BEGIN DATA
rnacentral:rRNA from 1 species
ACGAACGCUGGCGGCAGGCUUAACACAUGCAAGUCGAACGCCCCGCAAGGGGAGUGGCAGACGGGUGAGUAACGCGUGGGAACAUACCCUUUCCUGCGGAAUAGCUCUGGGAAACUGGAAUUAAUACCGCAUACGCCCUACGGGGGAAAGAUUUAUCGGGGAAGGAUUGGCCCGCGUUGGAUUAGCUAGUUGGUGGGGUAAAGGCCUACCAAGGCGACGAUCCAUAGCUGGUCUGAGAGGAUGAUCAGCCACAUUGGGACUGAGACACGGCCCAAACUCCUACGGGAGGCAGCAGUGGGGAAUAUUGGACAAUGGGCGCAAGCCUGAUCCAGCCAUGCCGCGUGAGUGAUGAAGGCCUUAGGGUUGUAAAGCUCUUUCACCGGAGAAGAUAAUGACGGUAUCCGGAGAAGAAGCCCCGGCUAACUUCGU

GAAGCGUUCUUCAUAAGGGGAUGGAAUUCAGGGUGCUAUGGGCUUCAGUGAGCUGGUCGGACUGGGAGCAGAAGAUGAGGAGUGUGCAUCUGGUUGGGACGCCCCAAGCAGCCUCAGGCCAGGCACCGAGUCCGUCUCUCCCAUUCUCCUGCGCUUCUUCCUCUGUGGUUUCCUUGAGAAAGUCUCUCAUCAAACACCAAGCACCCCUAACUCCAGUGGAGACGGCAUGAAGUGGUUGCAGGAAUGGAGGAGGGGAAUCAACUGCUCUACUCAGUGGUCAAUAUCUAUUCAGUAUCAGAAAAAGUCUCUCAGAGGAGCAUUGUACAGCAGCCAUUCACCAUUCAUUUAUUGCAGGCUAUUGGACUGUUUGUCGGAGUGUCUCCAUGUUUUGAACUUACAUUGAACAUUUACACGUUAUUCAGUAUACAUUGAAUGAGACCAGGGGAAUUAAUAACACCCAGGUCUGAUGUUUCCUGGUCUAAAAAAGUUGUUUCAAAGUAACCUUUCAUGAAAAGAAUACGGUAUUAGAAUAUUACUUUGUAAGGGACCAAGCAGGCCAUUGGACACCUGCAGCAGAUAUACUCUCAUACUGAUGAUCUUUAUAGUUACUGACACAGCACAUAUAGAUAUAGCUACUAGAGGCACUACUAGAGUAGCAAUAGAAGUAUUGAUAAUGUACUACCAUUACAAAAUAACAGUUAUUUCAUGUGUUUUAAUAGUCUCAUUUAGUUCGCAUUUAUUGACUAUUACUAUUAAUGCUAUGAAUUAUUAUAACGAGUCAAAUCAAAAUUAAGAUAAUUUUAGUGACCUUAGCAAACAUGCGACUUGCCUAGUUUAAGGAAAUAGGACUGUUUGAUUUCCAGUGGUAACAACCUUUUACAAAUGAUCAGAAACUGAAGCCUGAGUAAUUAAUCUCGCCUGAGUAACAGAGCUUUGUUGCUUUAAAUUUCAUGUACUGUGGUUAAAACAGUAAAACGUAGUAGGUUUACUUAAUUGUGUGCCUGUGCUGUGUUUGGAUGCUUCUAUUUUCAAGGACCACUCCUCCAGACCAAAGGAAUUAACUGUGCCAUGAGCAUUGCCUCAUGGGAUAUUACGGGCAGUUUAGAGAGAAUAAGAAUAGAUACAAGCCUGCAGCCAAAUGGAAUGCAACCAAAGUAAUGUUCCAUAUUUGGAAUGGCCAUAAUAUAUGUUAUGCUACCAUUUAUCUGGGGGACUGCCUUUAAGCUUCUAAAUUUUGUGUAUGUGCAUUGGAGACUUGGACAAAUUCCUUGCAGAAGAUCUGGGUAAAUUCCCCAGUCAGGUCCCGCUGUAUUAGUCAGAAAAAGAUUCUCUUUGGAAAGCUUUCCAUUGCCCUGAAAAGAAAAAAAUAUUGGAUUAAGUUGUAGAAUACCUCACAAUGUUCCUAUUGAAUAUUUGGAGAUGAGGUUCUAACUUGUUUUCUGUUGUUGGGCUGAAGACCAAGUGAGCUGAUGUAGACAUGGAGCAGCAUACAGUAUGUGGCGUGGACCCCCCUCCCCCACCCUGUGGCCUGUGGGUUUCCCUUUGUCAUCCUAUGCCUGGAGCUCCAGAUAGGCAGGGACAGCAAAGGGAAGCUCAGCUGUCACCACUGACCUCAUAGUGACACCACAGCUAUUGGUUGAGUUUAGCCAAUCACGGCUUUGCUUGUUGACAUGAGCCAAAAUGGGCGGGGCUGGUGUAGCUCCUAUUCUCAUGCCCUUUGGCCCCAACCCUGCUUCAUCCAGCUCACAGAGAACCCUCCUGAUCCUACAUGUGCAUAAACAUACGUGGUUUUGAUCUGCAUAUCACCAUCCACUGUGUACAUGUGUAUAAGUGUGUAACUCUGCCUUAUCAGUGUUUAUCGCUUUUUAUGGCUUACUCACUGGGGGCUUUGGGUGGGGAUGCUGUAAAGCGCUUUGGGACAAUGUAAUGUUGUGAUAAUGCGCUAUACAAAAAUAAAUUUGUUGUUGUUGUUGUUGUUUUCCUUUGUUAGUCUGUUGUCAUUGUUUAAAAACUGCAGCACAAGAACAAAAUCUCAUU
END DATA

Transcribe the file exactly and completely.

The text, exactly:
rnacentral:rRNA from 1 species
ACGAACGCUGGCGGCAGGCUUAACACAUGCAAGUCGAACGCCCCGCAAGGGGAGUGGCAGACGGGUGAGUAACGCGUGGGAACAUACCCUUUCCUGCGGAAUAGCUCUGGGAAACUGGAAUUAAUACCGCAUACGCCCUACGGGGGAAAGAUUUAUCGGGGAAGGAUUGGCCCGCGUUGGAUUAGCUAGUUGGUGGGGUAAAGGCCUACCAAGGCGACGAUCCAUAGCUGGUCUGAGAGGAUGAUCAGCCACAUUGGGACUGAGACACGGCCCAAACUCCUACGGGAGGCAGCAGUGGGGAAUAUUGGACAAUGGGCGCAAGCCUGAUCCAGCCAUGCCGCGUGAGUGAUGAAGGCCUUAGGGUUGUAAAGCUCUUUCACCGGAGAAGAUAAUGACGGUAUCCGGAGAAGAAGCCCCGGCUAACUUCGU

GAAGCGUUCUUCAUAAGGGGAUGGAAUUCAGGGUGCUAUGGGCUUCAGUGAGCUGGUCGGACUGGGAGCAGAAGAUGAGGAGUGUGCAUCUGGUUGGGACGCCCCAAGCAGCCUCAGGCCAGGCACCGAGUCCGUCUCUCCCAUUCUCCUGCGCUUCUUCCUCUGUGGUUUCCUUGAGAAAGUCUCUCAUCAAACACCAAGCACCCCUAACUCCAGUGGAGACGGCAUGAAGUGGUUGCAGGAAUGGAGGAGGGGAAUCAACUGCUCUACUCAGUGGUCAAUAUCUAUUCAGUAUCAGAAAAAGUCUCUCAGAGGAGCAUUGUACAGCAGCCAUUCACCAUUCAUUUAUUGCAGGCUAUUGGACUGUUUGUCGGAGUGUCUCCAUGUUUUGAACUUACAUUGAACAUUUACACGUUAUUCAGUAUACAUUGAAUGAGACCAGGGGAAUUAAUAACACCCAGGUCUGAUGUUUCCUGGUCUAAAAAAGUUGUUUCAAAGUAACCUUUCAUGAAAAGAAUACGGUAUUAGAAUAUUACUUUGUAAGGGACCAAGCAGGCCAUUGGACACCUGCAGCAGAUAUACUCUCAUACUGAUGAUCUUUAUAGUUACUGACACAGCACAUAUAGAUAUAGCUACUAGAGGCACUACUAGAGUAGCAAUAGAAGUAUUGAUAAUGUACUACCAUUACAAAAUAACAGUUAUUUCAUGUGUUUUAAUAGUCUCAUUUAGUUCGCAUUUAUUGACUAUUACUAUUAAUGCUAUGAAUUAUUAUAACGAGUCAAAUCAAAAUUAAGAUAAUUUUAGUGACCUUAGCAAACAUGCGACUUGCCUAGUUUAAGGAAAUAGGACUGUUUGAUUUCCAGUGGUAACAACCUUUUACAAAUGAUCAGAAACUGAAGCCUGAGUAAUUAAUCUCGCCUGAGUAACAGAGCUUUGUUGCUUUAAAUUUCAUGUACUGUGGUUAAAACAGUAAAACGUAGUAGGUUUACUUAAUUGUGUGCCUGUGCUGUGUUUGGAUGCUUCUAUUUUCAAGGACCACUCCUCCAGACCAAAGGAAUUAACUGUGCCAUGAGCAUUGCCUCAUGGGAUAUUACGGGCAGUUUAGAGAGAAUAAGAAUAGAUACAAGCCUGCAGCCAAAUGGAAUGCAACCAAAGUAAUGUUCCAUAUUUGGAAUGGCCAUAAUAUAUGUUAUGCUACCAUUUAUCUGGGGGACUGCCUUUAAGCUUCUAAAUUUUGUGUAUGUGCAUUGGAGACUUGGACAAAUUCCUUGCAGAAGAUCUGGGUAAAUUCCCCAGUCAGGUCCCGCUGUAUUAGUCAGAAAAAGAUUCUCUUUGGAAAGCUUUCCAUUGCCCUGAAAAGAAAAAAAUAUUGGAUUAAGUUGUAGAAUACCUCACAAUGUUCCUAUUGAAUAUUUGGAGAUGAGGUUCUAACUUGUUUUCUGUUGUUGGGCUGAAGACCAAGUGAGCUGAUGUAGACAUGGAGCAGCAUACAGUAUGUGGCGUGGACCCCCCUCCCCCACCCUGUGGCCUGUGGGUUUCCCUUUGUCAUCCUAUGCCUGGAGCUCCAGAUAGGCAGGGACAGCAAAGGGAAGCUCAGCUGUCACCACUGACCUCAUAGUGACACCACAGCUAUUGGUUGAGUUUAGCCAAUCACGGCUUUGCUUGUUGACAUGAGCCAAAAUGGGCGGGGCUGGUGUAGCUCCUAUUCUCAUGCCCUUUGGCCCCAACCCUGCUUCAUCCAGCUCACAGAGAACCCUCCUGAUCCUACAUGUGCAUAAACAUACGUGGUUUUGAUCUGCAUAUCACCAUCCACUGUGUACAUGUGUAUAAGUGUGUAACUCUGCCUUAUCAGUGUUUAUCGCUUUUUAUGGCUUACUCACUGGGGGCUUUGGGUGGGGAUGCUGUAAAGCGCUUUGGGACAAUGUAAUGUUGUGAUAAUGCGCUAUACAAAAAUAAAUUUGUUGUUGUUGUUGUUGUUUUCCUUUGUUAGUCUGUUGUCAUUGUUUAAAAACUGCAGCACAAGAACAAAAUCUCAUU